The Sultanpur National Park, the abode of over 45,000 residential and migratory birds, has begun its annual one-month closure process ‘to give privacy to the avian species during their mating season’. According to the District Forest Officer, around 21 avian species are expected to mate during the period that begins in June.
Calling it an ‘extremely crucial’ time for the bird sanctuary, District Forest Officer Kulwinder Singh said, “We have taken all precautions to prevent any kind of disturbance during this season. This is good for the species and the bird sanctuary too.”
The closure started in early June and authorities have been ordered to keep it closed till June 30. However, sources said the 359-acre national park is likely to remain closed till the third week of July.
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According to wildlife experts, with the monsoons expected to hit the area during this time, most of the residential species start breeding from mid-June to September. This is the most preferred time for them to breed as the young ones do not get exposed to extreme cold or heat.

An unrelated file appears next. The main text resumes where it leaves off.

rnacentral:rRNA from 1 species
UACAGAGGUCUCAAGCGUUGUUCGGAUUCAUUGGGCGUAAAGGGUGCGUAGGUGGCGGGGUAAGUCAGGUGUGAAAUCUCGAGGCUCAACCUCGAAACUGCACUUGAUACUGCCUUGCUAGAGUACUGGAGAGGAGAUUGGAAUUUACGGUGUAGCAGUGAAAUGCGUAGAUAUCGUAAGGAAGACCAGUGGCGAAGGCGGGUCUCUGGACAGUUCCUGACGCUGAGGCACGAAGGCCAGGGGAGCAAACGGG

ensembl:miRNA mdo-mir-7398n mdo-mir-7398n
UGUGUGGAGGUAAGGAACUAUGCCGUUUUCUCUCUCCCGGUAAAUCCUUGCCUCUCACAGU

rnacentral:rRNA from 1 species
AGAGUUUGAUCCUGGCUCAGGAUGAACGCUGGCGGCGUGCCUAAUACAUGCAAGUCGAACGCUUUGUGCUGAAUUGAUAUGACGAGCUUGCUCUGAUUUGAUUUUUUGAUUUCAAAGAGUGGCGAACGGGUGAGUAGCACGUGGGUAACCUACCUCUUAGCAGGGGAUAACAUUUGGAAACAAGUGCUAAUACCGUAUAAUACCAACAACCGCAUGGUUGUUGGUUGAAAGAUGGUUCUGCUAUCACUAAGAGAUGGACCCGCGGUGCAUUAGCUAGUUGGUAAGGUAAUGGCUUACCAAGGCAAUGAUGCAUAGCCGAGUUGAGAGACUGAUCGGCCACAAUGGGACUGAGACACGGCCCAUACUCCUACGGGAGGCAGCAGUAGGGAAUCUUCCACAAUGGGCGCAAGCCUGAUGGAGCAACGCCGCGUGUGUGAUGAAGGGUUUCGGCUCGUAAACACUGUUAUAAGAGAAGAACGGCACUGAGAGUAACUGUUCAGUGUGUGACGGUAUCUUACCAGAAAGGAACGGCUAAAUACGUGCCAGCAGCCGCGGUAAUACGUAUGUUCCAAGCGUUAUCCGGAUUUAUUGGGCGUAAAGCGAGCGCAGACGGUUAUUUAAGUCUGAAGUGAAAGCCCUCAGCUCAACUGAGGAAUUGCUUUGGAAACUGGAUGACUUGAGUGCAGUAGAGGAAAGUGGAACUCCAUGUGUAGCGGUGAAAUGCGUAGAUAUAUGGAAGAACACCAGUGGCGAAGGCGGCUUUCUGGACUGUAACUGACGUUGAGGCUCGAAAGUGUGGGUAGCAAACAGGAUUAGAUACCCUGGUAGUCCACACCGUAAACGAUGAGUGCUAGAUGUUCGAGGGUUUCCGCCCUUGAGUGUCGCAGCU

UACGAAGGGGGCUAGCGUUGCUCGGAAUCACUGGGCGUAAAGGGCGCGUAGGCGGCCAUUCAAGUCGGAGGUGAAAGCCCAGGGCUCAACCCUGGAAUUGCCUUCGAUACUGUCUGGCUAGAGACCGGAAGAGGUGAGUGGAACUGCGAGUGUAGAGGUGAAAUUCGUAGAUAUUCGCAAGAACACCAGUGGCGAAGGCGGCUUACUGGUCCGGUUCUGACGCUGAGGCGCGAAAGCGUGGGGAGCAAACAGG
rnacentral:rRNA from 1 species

“However, species like the Sarus Crane bred in April, which is early according to mating standards. The only problem in early mating is that the young ones will get exposed to extreme heat,” Suresh Sharma, a wildlife expert stationed at the sanctuary, said.
Residential species like Red-collared Dove, Grey Francolin, Spotbill, Grey Heron and Purple Heron are expected to breed in this season. Also, officials have spotted rare species like the Horned Owl and the Ultramarine Flycatcher during this season. They too are expected to breed, Sharma said. Sources have also said that due to early breeding, an increase of 59 residential birds in the sanctuary has been recorded.
Forest authorities have also made special arrangements to record the mating activities without disturbing their pattern. “To provide adequate privacy, only limited staff is allowed to enter the premises. Staff will also be recording the hatching process, color of the eggs and the time of hatching. During night, ‘no flash’ cameras will be used so that the birds are not disturbed,” Sharma said.